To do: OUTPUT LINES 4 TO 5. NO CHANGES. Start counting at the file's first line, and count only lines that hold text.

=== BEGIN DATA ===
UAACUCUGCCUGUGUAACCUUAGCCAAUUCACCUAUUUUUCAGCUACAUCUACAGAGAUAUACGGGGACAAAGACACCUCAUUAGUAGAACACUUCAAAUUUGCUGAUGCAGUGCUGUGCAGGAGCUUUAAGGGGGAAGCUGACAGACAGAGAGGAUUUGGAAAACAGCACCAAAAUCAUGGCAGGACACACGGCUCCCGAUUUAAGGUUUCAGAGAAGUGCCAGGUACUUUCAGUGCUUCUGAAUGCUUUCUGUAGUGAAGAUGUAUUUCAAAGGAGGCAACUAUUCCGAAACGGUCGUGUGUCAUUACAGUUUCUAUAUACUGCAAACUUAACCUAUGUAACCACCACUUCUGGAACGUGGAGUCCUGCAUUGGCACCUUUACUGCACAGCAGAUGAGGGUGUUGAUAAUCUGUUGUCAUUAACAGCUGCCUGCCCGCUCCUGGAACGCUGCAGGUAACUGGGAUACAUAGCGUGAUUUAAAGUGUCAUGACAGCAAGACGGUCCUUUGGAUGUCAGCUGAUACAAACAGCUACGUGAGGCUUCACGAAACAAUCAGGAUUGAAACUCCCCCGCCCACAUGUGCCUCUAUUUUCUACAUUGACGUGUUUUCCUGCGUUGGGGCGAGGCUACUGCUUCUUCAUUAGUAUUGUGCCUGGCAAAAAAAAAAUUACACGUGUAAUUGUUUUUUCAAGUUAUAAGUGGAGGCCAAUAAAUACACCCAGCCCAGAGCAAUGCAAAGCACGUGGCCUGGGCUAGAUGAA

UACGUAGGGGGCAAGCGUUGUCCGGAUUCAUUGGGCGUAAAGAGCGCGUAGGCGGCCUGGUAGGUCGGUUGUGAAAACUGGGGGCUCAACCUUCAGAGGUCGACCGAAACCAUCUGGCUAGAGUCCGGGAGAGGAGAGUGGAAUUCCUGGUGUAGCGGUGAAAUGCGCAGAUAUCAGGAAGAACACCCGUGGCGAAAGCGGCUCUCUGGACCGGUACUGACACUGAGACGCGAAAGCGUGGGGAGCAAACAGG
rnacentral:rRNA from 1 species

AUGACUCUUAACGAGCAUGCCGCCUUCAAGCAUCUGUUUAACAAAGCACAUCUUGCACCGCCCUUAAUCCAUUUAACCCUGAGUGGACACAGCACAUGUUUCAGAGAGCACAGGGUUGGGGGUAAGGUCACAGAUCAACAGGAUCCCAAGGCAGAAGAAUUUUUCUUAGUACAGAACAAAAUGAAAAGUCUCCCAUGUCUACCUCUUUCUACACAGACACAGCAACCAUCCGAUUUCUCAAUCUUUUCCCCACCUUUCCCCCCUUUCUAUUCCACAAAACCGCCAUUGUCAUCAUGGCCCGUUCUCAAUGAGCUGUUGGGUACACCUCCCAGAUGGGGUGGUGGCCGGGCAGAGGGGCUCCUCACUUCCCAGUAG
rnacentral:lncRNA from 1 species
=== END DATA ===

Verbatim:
AUGACUCUUAACGAGCAUGCCGCCUUCAAGCAUCUGUUUAACAAAGCACAUCUUGCACCGCCCUUAAUCCAUUUAACCCUGAGUGGACACAGCACAUGUUUCAGAGAGCACAGGGUUGGGGGUAAGGUCACAGAUCAACAGGAUCCCAAGGCAGAAGAAUUUUUCUUAGUACAGAACAAAAUGAAAAGUCUCCCAUGUCUACCUCUUUCUACACAGACACAGCAACCAUCCGAUUUCUCAAUCUUUUCCCCACCUUUCCCCCCUUUCUAUUCCACAAAACCGCCAUUGUCAUCAUGGCCCGUUCUCAAUGAGCUGUUGGGUACACCUCCCAGAUGGGGUGGUGGCCGGGCAGAGGGGCUCCUCACUUCCCAGUAG
rnacentral:lncRNA from 1 species